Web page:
Table 1
Distribution of Hand Use in Gestural Communication

Most of the subjects in this study have also served as subjects in previous studies on hand preference measuring either bimanual feeding or coordinated bimanual actions (see Hopkins, 1994, 1995). To determine whether the observed lateral biases in gestures were associated with inherent hand preferences, we compared the distribution of hand use in gestures as a function of whether the subjects were classified as left- or right-handed in hand preference on the two aforementioned tasks using Cochran's Q test. No significant interactions were found between lateral bias in gestures and hand preferences for either bimanual feeding or coordinated bimanual actions. Thus, hand use in gestures does not appear to be an artifact of an existing manual specialization for noncommunicative functions.


The results of this study indicate that hand use in gestural communication is primarily done by the right hand in captive chimpanzees, particularly for species-typical gestures. Adults were more right-handed than juvenile and adolescent apes, and there was an interaction between hand use and whether or not the apes vocalized while gesturing. Neither the position of the food nor the rearing history of the subjects influenced the distribution of hand use.

There are at least two possible explanations for the observed right-hand use in gestural communication. First, the evidence of right-hand use in gestural communication, particularly for food begs, suggests that an inherent left-hemisphere asymmetry in communicative function may be present in chimpanzees. Moreover, the asymmetry may be specifc to species-typical communicative gestures and not communicative gestures that are an artifact of captivity (i.e., foods begs vs. pointing). It is important to emphasize that most of the gestures between the experimenters and the fruit used by the chimpanzees were accompanied by gaze alternation and, therefore, were intentional and referential in function (see Leavens et al., 1996; Leavens & Hopkins, in press, for discussion). It is not clear whether similar patterns of asymmetry would be present in gestures that were not associated with gaze alternation. Unfortunately, there were too few subjects who gestured but did not exhibit concomitant gaze altemation for us to compare with the gaze-alternating subjects (n = 7 [3 left and 4 right]). This comparison will be critical for determining whether the referential nature of the communication is a necessary condition for the execution of right-hand gestures.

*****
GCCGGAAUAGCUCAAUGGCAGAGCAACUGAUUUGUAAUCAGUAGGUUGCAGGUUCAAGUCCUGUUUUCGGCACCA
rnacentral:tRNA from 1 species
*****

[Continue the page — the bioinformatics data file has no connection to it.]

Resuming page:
An altemative explanation for the right-hand biases in gestures may be related to affect or emotional valence associated with the presence of the food that is otherwise unattainable to the ape. Davidson (1992) proposed that emotions or affective states are differentially processed by each hemisphere, with the right hemisphere controlling negative emotions and the left hemisphere controlling positive emotions. Hopkins and Bennett (1994) previously reported that right-handed chimpanzees approach novel objects significantly faster than non-right-handed chimpanzees, a finding that was interpreted as supporting the Davidson emotional-valence model of hemispheric specialization. In the case of our findings in this study, the presence of the food may have induced a positive emotional valence that resulted in greater preferential use of the right compared with the left hand in the context of interspecies communication. This argument is supported, in part, by the observation that greater right-hand use was associated with the production of vocalizations, which presumably reflected a heightened affective state in the chimpanzees. We made no attempt to measure the affective state of the animals (i.e., assessing the rate or intensity of the vocalizations) and therefore cannot directly address this issue. Notwithstanding, most of the vocalizations were either food barks or attention-getting sounds, calls that have positive affective valence. It is clear that further research is needed to analyze whether the observed findings are due to the affective nature or the referential function of the communicative signal.

We do not believe that our results are the basis of a simple reaching bias in the chimpanzees for two reasons. First, we failed to find an association between hand use for gestures and previously published findings on preference for either bimanual feeding or coordinated bimanual actions (see Results section). If hand use for gestural communication were an artifact of an inherent manual specialization, then a significant positive association should have been found. Second, several studies in monkeys and apes have reported that hand use in reaching is influenced by the position of the food (see Lehman, 1993; Welles, 1976) such that primates will typically reach with the ipsilateral hand. We did not find an interaction between hand use and the position of the food, which would be predicted if the effects were simply frustrated reaches on the part of the apes.